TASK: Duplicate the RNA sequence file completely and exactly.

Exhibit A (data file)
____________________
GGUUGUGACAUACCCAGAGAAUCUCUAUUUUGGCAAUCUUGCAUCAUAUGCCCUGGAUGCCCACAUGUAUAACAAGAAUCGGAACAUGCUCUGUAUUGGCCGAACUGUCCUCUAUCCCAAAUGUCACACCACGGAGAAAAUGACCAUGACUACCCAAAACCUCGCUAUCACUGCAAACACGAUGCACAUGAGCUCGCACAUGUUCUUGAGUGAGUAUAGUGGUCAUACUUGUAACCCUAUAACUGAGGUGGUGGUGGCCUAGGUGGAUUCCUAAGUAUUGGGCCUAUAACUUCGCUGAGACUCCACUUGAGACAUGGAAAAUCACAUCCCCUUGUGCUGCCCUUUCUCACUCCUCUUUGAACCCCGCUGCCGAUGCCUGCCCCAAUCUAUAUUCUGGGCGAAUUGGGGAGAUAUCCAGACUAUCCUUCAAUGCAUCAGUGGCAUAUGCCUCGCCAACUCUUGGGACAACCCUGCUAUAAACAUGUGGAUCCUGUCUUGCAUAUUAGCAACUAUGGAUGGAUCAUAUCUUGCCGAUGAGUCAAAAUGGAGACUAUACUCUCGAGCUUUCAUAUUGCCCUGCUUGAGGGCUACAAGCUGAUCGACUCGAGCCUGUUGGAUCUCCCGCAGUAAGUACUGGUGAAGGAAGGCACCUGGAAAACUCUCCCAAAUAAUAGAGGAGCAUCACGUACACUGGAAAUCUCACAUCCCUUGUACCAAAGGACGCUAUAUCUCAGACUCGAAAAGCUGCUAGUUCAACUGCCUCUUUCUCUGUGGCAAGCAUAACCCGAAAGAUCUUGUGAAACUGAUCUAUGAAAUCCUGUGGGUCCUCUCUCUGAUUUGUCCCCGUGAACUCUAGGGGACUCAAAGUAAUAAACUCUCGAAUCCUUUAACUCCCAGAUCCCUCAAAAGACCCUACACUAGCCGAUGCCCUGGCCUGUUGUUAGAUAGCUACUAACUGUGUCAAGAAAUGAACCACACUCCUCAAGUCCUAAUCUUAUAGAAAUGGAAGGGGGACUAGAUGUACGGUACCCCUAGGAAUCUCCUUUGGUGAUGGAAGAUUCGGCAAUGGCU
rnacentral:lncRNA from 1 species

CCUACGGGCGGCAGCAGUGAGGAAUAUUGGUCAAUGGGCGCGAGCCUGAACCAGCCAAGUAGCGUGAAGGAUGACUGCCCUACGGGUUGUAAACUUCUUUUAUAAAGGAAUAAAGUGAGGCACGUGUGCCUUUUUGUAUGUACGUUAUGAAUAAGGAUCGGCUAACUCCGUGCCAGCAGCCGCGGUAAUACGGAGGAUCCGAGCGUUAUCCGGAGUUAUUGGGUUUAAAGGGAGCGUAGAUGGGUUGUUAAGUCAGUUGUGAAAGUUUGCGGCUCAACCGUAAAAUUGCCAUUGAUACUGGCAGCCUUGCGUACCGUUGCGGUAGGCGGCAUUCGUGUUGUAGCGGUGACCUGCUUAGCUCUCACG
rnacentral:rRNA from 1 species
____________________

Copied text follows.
GGUUGUGACAUACCCAGAGAAUCUCUAUUUUGGCAAUCUUGCAUCAUAUGCCCUGGAUGCCCACAUGUAUAACAAGAAUCGGAACAUGCUCUGUAUUGGCCGAACUGUCCUCUAUCCCAAAUGUCACACCACGGAGAAAAUGACCAUGACUACCCAAAACCUCGCUAUCACUGCAAACACGAUGCACAUGAGCUCGCACAUGUUCUUGAGUGAGUAUAGUGGUCAUACUUGUAACCCUAUAACUGAGGUGGUGGUGGCCUAGGUGGAUUCCUAAGUAUUGGGCCUAUAACUUCGCUGAGACUCCACUUGAGACAUGGAAAAUCACAUCCCCUUGUGCUGCCCUUUCUCACUCCUCUUUGAACCCCGCUGCCGAUGCCUGCCCCAAUCUAUAUUCUGGGCGAAUUGGGGAGAUAUCCAGACUAUCCUUCAAUGCAUCAGUGGCAUAUGCCUCGCCAACUCUUGGGACAACCCUGCUAUAAACAUGUGGAUCCUGUCUUGCAUAUUAGCAACUAUGGAUGGAUCAUAUCUUGCCGAUGAGUCAAAAUGGAGACUAUACUCUCGAGCUUUCAUAUUGCCCUGCUUGAGGGCUACAAGCUGAUCGACUCGAGCCUGUUGGAUCUCCCGCAGUAAGUACUGGUGAAGGAAGGCACCUGGAAAACUCUCCCAAAUAAUAGAGGAGCAUCACGUACACUGGAAAUCUCACAUCCCUUGUACCAAAGGACGCUAUAUCUCAGACUCGAAAAGCUGCUAGUUCAACUGCCUCUUUCUCUGUGGCAAGCAUAACCCGAAAGAUCUUGUGAAACUGAUCUAUGAAAUCCUGUGGGUCCUCUCUCUGAUUUGUCCCCGUGAACUCUAGGGGACUCAAAGUAAUAAACUCUCGAAUCCUUUAACUCCCAGAUCCCUCAAAAGACCCUACACUAGCCGAUGCCCUGGCCUGUUGUUAGAUAGCUACUAACUGUGUCAAGAAAUGAACCACACUCCUCAAGUCCUAAUCUUAUAGAAAUGGAAGGGGGACUAGAUGUACGGUACCCCUAGGAAUCUCCUUUGGUGAUGGAAGAUUCGGCAAUGGCU
rnacentral:lncRNA from 1 species

CCUACGGGCGGCAGCAGUGAGGAAUAUUGGUCAAUGGGCGCGAGCCUGAACCAGCCAAGUAGCGUGAAGGAUGACUGCCCUACGGGUUGUAAACUUCUUUUAUAAAGGAAUAAAGUGAGGCACGUGUGCCUUUUUGUAUGUACGUUAUGAAUAAGGAUCGGCUAACUCCGUGCCAGCAGCCGCGGUAAUACGGAGGAUCCGAGCGUUAUCCGGAGUUAUUGGGUUUAAAGGGAGCGUAGAUGGGUUGUUAAGUCAGUUGUGAAAGUUUGCGGCUCAACCGUAAAAUUGCCAUUGAUACUGGCAGCCUUGCGUACCGUUGCGGUAGGCGGCAUUCGUGUUGUAGCGGUGACCUGCUUAGCUCUCACG
rnacentral:rRNA from 1 species